quick word count visual reference for writers and designers

I realize this isn’t exactly a thing of beauty, but I thought it might save somebody out there some heartache, so I give you a quick visual reference for estimated word counts in 8.5×11″ publications. Basically, the more words you put on there, the less space is left for the beautiful photo and other jazzy stuff, and the sadder your layout will look.

If you are a writer or if you need to communicate with a writer about how long a story should be for an 8.5×11 page, here is a little resource for you. (In case it’s not obvious, the gray boxes showing word count represent the space left for photos and other flair.)

Note that this example is a very tight, un-cool layout. It’s the bare minimum. So estimate on the low side of the word count if you want more space for headlines, pull-quotes and fancy stuff.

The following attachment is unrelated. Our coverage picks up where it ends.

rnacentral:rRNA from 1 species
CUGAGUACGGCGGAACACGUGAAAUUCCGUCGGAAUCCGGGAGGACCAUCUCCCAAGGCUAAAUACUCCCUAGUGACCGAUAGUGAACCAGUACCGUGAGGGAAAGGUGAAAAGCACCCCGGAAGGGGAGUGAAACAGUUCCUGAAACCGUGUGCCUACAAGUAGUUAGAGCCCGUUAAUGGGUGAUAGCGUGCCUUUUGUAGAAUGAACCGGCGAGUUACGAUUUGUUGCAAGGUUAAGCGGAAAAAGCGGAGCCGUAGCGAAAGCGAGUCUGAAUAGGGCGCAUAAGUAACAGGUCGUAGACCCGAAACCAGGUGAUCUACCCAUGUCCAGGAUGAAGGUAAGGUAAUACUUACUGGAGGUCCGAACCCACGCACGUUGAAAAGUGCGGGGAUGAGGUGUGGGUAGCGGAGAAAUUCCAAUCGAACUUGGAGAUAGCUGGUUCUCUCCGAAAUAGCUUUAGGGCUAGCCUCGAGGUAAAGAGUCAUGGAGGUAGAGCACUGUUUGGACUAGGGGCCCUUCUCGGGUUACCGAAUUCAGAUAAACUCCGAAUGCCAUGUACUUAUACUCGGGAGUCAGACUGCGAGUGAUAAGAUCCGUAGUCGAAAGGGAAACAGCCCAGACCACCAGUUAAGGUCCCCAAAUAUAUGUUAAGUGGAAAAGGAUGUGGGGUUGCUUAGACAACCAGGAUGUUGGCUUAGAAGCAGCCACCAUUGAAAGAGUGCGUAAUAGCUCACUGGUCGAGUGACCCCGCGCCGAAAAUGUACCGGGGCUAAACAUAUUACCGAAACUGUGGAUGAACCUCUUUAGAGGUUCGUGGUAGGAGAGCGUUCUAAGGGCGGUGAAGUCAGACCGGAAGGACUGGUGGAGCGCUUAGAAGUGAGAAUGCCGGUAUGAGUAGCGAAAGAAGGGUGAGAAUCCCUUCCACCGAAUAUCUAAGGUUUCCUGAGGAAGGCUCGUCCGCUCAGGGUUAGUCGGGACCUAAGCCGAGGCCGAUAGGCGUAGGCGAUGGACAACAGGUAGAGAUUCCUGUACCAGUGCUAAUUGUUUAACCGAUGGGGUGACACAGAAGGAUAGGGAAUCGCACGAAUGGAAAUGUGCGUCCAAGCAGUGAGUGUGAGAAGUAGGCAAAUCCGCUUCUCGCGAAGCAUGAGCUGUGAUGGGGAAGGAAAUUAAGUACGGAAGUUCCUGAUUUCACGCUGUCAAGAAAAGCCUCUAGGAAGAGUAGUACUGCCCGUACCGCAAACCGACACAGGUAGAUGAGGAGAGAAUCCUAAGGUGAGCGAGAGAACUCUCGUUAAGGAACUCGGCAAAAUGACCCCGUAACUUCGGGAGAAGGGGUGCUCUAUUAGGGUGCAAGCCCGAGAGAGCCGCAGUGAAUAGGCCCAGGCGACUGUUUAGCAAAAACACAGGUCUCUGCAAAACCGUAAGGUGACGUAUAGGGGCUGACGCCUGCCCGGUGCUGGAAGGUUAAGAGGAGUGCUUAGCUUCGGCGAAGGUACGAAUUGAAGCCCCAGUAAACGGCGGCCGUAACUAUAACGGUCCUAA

In a magazine, you can always jump a story to a back page to gain flexibility for pretty images and text treatments up front, but in newsletters and catalogs, there tends to be less flexibility. Whether you’re writing promotional text or a news story, keeping it on the shorter side improves your chance of being read (and ultimately communicating/persuading) since people get sucked in by photos, pull-quotes, oversized intro paragraphs and captions before they dive into body copy.

As you can see, if you have one page to fill and you send a designer a gorgeous photo and a 700 word story with a 100 word sidebar, what you will get in return is a page that looks disheartening at best. (Or maybe you will get an attractive layout and a polite explanation that the designer has only placed half of the text you sent.)

Here’s to the 400-word story! I hope that this is useful to somebody out there, and that it prevents a designer somewhere from having to resort to eating rage pretzels.